Written in Iron Ink: Tending Marriage

Recently I was reading a book that cited this staggering statistic:

Couples, on average, spend a total of twelve minutes a week in meaningful conversation.

12 minutes

There aren’t enough emojis with bulging surprise eyes in the world for me to put in the space after I share this stat.

12 minutes may be skewed and you may be different.

However, it’s time to care about marriage, not just our own, but one another’s.

For too long we have existed on privacy island and it’s not working. We need one another. Your marriage, your neighbor’s marriage, my marriage needs you to care. We need accountability, encouragement, reality checks, free babysitting, someone to laugh with, someone to tell you when it’s time to apologize, someone to hug you and send you back in.

We are our best married selves, when we tend in this life.

We were meant to tend our own marriages but also to tend one another’s.

Our God tends to us. He came to earth for us. His Spirit resides in us. The Word is open to us. A God who tends does not leave us to our own devices. He gives us unique community far and wide to be real with, to open our hearts to, and to cheer on. Because our God tends, we can tend.

In today’s podcast, join in a fun and feisty chat about tending, with myself and Leah Heffner from Life Around the Coffee Cup. She doesn’t have easy answers, which I think we all appreciate. She does have loads of usable ideas and resources to keep the conversation going.

This podcast is more than twelve minutes…because we can spend more than twelve minutes on marriage today. We can do it!

There isn’t a checklist to relationships.

There isn’t an instruction manual for our spouse.

There isn’t a do-it-yourself guide for helping your friend love when it’s hard and when to tighten the boundary lines.

There is Jesus. There is the Word. There is the Church, community, and connection.

Let us tend…together.

Share ideas! How do you tend in your marriage or help tend a marriage around you?

PS- the book I was reading was What the Most Successful People Do Before Breakfast

 

The Best Christmas Gift for Your Marriage

My husband entered the room one day last week and asked me this question:

“You like camo, right?”

In my mind I’m thinking,

“Hmm. That’s weird.”

And then I realize, it’s Christmas.

“I like camo, army camo, not leafy camo. No hunting camo. That’s your thing, not mine. And no camo with pink on it. That’s weird. I don’t really like color infiltrating the camo at all, maybe grey or black.”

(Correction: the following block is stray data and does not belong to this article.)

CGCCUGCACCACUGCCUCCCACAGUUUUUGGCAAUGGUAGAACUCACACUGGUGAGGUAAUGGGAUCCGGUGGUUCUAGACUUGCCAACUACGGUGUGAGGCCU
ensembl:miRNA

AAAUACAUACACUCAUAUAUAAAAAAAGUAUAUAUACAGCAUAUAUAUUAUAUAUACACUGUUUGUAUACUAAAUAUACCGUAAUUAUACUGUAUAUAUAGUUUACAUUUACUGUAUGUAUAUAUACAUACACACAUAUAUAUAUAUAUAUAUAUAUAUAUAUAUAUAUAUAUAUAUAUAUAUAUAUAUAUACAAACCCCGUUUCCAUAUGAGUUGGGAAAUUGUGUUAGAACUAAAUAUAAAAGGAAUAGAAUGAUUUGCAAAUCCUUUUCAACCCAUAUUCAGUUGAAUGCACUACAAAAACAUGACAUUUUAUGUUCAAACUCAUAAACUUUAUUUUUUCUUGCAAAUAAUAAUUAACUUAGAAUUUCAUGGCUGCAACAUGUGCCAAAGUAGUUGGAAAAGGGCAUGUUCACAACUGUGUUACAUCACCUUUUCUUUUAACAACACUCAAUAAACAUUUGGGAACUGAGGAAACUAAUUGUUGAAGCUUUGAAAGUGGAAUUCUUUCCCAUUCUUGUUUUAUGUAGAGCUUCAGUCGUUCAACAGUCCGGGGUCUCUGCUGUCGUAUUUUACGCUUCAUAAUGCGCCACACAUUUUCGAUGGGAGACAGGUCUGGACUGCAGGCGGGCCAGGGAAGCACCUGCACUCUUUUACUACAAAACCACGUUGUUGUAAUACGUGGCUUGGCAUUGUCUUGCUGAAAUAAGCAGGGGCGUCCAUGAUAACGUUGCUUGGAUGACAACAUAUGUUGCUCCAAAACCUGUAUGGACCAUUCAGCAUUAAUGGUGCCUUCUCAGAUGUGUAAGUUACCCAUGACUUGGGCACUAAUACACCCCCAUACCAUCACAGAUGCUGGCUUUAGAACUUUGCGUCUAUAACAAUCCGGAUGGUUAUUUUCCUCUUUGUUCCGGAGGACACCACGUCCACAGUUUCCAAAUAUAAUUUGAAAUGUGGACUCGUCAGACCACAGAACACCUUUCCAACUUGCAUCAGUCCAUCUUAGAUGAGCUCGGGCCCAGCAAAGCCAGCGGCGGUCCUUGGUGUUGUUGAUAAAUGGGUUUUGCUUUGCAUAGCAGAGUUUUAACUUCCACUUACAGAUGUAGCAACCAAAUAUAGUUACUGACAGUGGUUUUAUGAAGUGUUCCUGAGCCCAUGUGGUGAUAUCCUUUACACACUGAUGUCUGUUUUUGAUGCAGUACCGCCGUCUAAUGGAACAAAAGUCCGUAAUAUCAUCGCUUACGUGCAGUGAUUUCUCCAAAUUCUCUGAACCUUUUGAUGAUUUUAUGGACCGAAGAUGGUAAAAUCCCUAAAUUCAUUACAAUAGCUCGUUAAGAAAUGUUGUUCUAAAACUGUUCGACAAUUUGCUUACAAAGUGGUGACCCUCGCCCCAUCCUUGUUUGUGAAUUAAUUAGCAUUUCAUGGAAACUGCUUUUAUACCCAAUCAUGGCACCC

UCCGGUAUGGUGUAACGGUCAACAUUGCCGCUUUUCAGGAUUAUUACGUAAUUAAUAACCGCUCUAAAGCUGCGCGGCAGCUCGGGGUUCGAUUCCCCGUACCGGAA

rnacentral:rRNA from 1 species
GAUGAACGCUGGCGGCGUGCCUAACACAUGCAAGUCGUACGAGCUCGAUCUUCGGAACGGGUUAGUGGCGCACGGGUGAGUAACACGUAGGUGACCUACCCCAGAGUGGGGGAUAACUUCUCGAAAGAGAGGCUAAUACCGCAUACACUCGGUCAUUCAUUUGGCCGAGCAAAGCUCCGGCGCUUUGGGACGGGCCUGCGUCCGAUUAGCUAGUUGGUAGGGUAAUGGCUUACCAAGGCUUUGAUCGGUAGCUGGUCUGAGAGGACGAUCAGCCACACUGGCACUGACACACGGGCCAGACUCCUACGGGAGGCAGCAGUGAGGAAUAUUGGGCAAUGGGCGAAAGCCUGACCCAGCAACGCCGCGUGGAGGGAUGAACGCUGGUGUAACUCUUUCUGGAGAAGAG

“What about brown and camo? You like brown and camo, right?

Oh boy. I have to answer this question carefully. He has a little boy hopefulness going on and I have mixed emotions about brown and camo.

“Well, it could be cool. I’d have to see. Do you remember that camo shirt I showed you downtown last week? I like that camo.”

“Ok, good. Yes. Alright.”

Dave leaves the room, while I chuckle over my mug of tea. He’s just the cutest and I love being thought of when I don’t even know it.

There was a time when every year it was an epic decision for us whether we would buy gifts for each other. Pennies were tight, furniture was thread bare, and student loans demanded attention.

But guess what?

Pennies are still tight. Money still needs to be managed. Teenagers eat a lot of food or they die, I’m told. Coats handed down from one kid to the thirteenth at some point wear out, to my chagrin. And all the while my marriage is still there, still constant, still hollering for some attention.

Through changing seasons, locations, and attitudes, I still believe this to be true:

It’s better for your marriage to give your spouse a Christmas gift.

It’s better for your children when you give your spouse a Christmas gift.

Why? I wrote that article for the Concordia Publishing House blog. ūüėČ Find it here:

The Best Christmas Gift for Your Marriage

Gifts won’t solve marriage problems or wave a magic wand over the way your kids view relationships, but they are a place where I think we often ignore our marriages for other things; a place we gloss over as unimportant.

I also know I could give Biblical evidence for caring for your marriage, psychosocial evidence for what it does for your kids’ future marriages, and all that good stuff, but I can’t make money grow on trees and there’s no rules about how to best care for your marriage. So, you’ll also find some practical ideas for making your spouse feel included and thought of this Christmas season, even on the cheap.